Fiery Lanterns spirals out of the harsh compact playa ground in the vast expanse of Black Rock City, surrounded by Burners and art installations. Burners can interact with the installation, explore the individual lanterns and find the Burners encased within. They seek to reach the pinnacle lantern, for reflection on the way forward. As the sun sets at the end of the festival, the internal flames in the lantern will be extinguished and the installation burnt.

The installation has evolved through a detailed research into the natural repeating phsyllotaxis spirals in sunflower heads. It is interesting to consider how each spiral is interconnected with the next and governed by the same set of mathematical rules, however changing the parameters changes the resultant architectural form. This is translated in the individuality of the Burning Man experience, the internal connections between the lanterns, offer the same experience, but generate differing personalised interactions with the Burners encased within.

Physical modelling demonstrated how the related curves in the components, allows for the lanterns to be tightly packed together. The repeating panels and simplistic design principle, enable open resourcing meaning once the Fiery Lanterns’ flame has been extinguished it can be resurrected at various scales, using the same laser cutting templates.

The scale of the lanterns, allows each component to be cut from a single sheet for plywood, meaning only repeating vertical seams are expressed. Each lantern is an intimate encasing, fitting one or two Burners. Burners must transverse through each lantern in order to reach the pinnacle, it encourages travellers to cross paths and initiate a cultural exchange. 12mm birch faced plywood is used, as the thickness allows the material to be flexible, but also retains its strength. The plywood becomes malleable once soaked in warm water and can be stitched into the panels. The assembly process and onsite installation is simple and uses minimal bolts.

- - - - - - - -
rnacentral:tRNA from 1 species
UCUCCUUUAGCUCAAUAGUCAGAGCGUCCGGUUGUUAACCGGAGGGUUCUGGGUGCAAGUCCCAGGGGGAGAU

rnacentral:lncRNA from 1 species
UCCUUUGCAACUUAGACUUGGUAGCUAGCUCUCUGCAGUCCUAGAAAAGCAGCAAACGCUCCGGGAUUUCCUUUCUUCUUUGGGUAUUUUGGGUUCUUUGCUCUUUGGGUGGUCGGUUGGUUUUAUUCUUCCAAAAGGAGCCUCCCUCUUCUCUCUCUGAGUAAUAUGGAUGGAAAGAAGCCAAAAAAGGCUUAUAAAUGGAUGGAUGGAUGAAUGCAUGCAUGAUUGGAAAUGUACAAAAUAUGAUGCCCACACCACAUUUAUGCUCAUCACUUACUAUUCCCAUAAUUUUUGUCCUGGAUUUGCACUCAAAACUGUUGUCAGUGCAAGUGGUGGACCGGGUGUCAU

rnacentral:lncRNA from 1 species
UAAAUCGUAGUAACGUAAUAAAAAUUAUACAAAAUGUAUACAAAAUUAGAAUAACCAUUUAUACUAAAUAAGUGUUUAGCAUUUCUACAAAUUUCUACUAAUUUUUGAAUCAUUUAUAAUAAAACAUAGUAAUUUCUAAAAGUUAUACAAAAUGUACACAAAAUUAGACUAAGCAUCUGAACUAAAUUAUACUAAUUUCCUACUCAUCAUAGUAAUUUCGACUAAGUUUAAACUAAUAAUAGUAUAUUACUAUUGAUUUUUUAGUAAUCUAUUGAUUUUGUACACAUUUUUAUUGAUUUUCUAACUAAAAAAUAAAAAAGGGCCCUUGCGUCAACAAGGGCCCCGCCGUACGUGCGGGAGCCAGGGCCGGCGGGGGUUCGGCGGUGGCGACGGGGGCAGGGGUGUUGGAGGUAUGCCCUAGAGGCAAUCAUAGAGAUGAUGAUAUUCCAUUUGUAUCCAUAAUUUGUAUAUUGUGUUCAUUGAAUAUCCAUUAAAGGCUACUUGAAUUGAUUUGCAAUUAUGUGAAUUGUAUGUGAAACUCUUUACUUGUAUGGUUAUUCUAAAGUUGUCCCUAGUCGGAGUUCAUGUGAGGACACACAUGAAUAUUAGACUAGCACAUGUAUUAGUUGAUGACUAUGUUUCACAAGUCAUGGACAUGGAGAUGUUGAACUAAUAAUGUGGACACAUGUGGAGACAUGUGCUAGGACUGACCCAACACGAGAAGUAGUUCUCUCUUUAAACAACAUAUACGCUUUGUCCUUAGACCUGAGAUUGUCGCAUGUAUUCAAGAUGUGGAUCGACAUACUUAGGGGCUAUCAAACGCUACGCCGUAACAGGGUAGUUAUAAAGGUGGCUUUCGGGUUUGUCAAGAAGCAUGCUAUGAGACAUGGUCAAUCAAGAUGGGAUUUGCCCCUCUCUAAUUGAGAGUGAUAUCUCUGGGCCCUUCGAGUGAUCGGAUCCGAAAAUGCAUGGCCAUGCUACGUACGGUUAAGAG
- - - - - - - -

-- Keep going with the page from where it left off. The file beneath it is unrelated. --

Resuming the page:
The flame cannot be lit in the lantern until the ornate encasement has been completed. Construction commences through ground anchoring the secluded base lanterns. Soaking and stitching the panels for the internal maze, allows the form to evolve to enable the crowning of the pinnacle lantern. Once dry the Fiery Lantern is complete, the wood’s structural capabilities and sturdiness return, the flame can be lit and it can guide the souls of the playa.

The internal space provides a refuge in the vast expanse of the landscape, shielding from the winds and creating a portal of shade. However, it is not a solitary experience; the openings allow all Burners access to the space. You are able to see out, past or through the structure to the rest of Black Rock City.

The lack of a defined entrance means Fiery Lantern has a differing appearance from each angle. It encourages Burners to explore the proposal, to realise encasement. It draws them to the warmth and love of the flames within.

The lack of a defined entrance means Fiery Lantern has a differing appearance from each angle. It encourages Burners to explore the proposal, to realise encasement. It draws them to the warmth and love of the flames within.

## Three-Dimensional Mid-Air Acoustic Manipulation

Lying somewhere between science and art, University of Tokyo scientists Yoichi Ochiai, Takayuki Hoshi and Jun Rekimoto use precision acoustics to bring the beauty of sound waves to life in three dimensions.

More information here from the University of Tokyo, Nagoya Institute of Technology

## (bio)Plastic Morphologies

**What if Bioplastic could be used as a green construction material ?**

**Plastic can acquire any shape you give it.**

**But what about the natural behaviour of the viscous material?**

**Experiments consisting in elongating the viscous material can reveal an interesting form configuration that has inherent structural properties.**

**The rules defining the the material configuration are then coded into a script that enables to digitally replicate the shape. The structural performace of the shape opens the opportunity for many applications.**

**A bridge is imagined following the same formal configuration.**